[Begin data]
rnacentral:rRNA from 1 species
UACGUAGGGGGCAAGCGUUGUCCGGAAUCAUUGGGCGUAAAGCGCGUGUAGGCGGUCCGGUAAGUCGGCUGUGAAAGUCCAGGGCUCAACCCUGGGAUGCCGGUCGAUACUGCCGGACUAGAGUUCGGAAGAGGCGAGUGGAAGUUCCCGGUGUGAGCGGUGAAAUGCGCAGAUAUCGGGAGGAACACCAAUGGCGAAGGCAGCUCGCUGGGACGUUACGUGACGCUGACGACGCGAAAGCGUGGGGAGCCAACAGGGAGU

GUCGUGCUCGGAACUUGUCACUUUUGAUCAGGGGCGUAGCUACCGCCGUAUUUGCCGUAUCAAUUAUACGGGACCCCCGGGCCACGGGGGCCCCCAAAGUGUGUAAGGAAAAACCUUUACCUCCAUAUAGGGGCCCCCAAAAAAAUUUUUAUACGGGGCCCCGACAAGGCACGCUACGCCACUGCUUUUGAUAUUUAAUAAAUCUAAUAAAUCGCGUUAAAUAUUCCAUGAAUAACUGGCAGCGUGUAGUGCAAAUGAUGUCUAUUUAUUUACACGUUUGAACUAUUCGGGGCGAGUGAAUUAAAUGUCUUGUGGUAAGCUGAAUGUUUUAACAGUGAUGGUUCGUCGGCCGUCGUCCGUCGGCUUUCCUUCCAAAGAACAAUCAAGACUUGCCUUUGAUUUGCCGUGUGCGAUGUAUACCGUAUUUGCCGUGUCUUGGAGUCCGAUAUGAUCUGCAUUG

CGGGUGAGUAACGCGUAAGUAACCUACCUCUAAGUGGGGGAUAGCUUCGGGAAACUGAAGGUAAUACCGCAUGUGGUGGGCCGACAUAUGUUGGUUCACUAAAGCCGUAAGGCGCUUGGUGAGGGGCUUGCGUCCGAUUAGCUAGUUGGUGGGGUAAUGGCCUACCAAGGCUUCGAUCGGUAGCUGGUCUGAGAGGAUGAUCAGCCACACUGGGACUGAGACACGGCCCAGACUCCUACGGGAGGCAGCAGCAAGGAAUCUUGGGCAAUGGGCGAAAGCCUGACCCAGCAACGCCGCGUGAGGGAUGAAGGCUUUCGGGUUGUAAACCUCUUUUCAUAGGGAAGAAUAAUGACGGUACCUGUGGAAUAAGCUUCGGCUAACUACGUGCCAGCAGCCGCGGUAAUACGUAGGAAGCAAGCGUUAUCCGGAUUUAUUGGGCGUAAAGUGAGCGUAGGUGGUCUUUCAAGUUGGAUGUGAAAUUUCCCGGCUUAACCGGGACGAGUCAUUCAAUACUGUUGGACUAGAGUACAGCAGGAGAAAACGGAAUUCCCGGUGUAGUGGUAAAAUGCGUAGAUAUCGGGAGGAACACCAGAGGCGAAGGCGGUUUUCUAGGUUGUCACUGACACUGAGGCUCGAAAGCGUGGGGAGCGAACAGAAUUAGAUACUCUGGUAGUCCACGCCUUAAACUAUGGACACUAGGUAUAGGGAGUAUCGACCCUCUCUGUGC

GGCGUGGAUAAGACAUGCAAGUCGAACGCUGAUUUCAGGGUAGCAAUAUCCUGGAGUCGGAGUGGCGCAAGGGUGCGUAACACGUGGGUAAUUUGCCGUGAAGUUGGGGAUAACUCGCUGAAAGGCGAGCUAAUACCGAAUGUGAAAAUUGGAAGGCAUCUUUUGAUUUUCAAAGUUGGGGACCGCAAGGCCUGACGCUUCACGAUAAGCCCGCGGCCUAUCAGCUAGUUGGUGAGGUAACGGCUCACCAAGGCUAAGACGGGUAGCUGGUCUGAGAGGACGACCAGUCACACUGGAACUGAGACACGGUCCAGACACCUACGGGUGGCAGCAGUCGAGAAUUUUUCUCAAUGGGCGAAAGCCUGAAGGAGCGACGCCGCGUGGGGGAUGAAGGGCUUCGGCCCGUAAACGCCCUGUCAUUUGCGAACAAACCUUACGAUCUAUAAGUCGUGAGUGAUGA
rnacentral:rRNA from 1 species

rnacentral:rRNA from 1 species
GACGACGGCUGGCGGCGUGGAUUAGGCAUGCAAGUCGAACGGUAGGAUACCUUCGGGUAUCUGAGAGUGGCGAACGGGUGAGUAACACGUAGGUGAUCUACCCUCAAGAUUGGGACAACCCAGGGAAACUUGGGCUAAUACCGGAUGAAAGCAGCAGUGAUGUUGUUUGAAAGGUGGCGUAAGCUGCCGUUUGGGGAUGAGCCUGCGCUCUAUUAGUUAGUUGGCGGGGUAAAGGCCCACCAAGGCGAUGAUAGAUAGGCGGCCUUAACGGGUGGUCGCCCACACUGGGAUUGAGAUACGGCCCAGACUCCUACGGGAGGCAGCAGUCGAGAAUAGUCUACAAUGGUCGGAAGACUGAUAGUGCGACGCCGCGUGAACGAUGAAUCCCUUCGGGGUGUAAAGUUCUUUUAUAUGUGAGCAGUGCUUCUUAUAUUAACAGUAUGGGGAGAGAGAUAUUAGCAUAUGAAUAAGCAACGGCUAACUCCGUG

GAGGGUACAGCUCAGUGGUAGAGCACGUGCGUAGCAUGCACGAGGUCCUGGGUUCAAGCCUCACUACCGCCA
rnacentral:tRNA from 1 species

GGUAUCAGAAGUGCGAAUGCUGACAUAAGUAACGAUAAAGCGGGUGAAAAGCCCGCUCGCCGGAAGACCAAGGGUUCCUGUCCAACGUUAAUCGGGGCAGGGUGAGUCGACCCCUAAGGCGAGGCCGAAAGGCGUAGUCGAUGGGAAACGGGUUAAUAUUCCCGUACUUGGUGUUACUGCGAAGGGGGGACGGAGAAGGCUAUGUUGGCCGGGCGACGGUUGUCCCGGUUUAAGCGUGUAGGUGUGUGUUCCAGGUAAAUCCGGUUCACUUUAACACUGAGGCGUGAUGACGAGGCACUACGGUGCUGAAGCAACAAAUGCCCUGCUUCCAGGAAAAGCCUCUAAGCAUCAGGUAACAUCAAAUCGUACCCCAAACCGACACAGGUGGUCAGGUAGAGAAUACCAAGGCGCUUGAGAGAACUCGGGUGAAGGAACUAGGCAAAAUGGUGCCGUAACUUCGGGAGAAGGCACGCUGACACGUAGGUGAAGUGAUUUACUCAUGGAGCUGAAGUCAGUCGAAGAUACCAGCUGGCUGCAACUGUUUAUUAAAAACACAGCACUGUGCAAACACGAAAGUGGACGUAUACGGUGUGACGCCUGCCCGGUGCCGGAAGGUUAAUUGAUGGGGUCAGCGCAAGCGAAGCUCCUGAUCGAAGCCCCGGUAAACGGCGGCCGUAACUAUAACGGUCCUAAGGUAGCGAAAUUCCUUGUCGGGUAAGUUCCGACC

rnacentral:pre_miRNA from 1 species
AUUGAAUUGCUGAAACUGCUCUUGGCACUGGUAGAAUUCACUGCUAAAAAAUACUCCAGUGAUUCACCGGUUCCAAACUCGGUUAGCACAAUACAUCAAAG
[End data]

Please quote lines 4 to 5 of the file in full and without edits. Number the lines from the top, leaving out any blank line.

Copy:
CGGGUGAGUAACGCGUAAGUAACCUACCUCUAAGUGGGGGAUAGCUUCGGGAAACUGAAGGUAAUACCGCAUGUGGUGGGCCGACAUAUGUUGGUUCACUAAAGCCGUAAGGCGCUUGGUGAGGGGCUUGCGUCCGAUUAGCUAGUUGGUGGGGUAAUGGCCUACCAAGGCUUCGAUCGGUAGCUGGUCUGAGAGGAUGAUCAGCCACACUGGGACUGAGACACGGCCCAGACUCCUACGGGAGGCAGCAGCAAGGAAUCUUGGGCAAUGGGCGAAAGCCUGACCCAGCAACGCCGCGUGAGGGAUGAAGGCUUUCGGGUUGUAAACCUCUUUUCAUAGGGAAGAAUAAUGACGGUACCUGUGGAAUAAGCUUCGGCUAACUACGUGCCAGCAGCCGCGGUAAUACGUAGGAAGCAAGCGUUAUCCGGAUUUAUUGGGCGUAAAGUGAGCGUAGGUGGUCUUUCAAGUUGGAUGUGAAAUUUCCCGGCUUAACCGGGACGAGUCAUUCAAUACUGUUGGACUAGAGUACAGCAGGAGAAAACGGAAUUCCCGGUGUAGUGGUAAAAUGCGUAGAUAUCGGGAGGAACACCAGAGGCGAAGGCGGUUUUCUAGGUUGUCACUGACACUGAGGCUCGAAAGCGUGGGGAGCGAACAGAAUUAGAUACUCUGGUAGUCCACGCCUUAAACUAUGGACACUAGGUAUAGGGAGUAUCGACCCUCUCUGUGC

GGCGUGGAUAAGACAUGCAAGUCGAACGCUGAUUUCAGGGUAGCAAUAUCCUGGAGUCGGAGUGGCGCAAGGGUGCGUAACACGUGGGUAAUUUGCCGUGAAGUUGGGGAUAACUCGCUGAAAGGCGAGCUAAUACCGAAUGUGAAAAUUGGAAGGCAUCUUUUGAUUUUCAAAGUUGGGGACCGCAAGGCCUGACGCUUCACGAUAAGCCCGCGGCCUAUCAGCUAGUUGGUGAGGUAACGGCUCACCAAGGCUAAGACGGGUAGCUGGUCUGAGAGGACGACCAGUCACACUGGAACUGAGACACGGUCCAGACACCUACGGGUGGCAGCAGUCGAGAAUUUUUCUCAAUGGGCGAAAGCCUGAAGGAGCGACGCCGCGUGGGGGAUGAAGGGCUUCGGCCCGUAAACGCCCUGUCAUUUGCGAACAAACCUUACGAUCUAUAAGUCGUGAGUGAUGA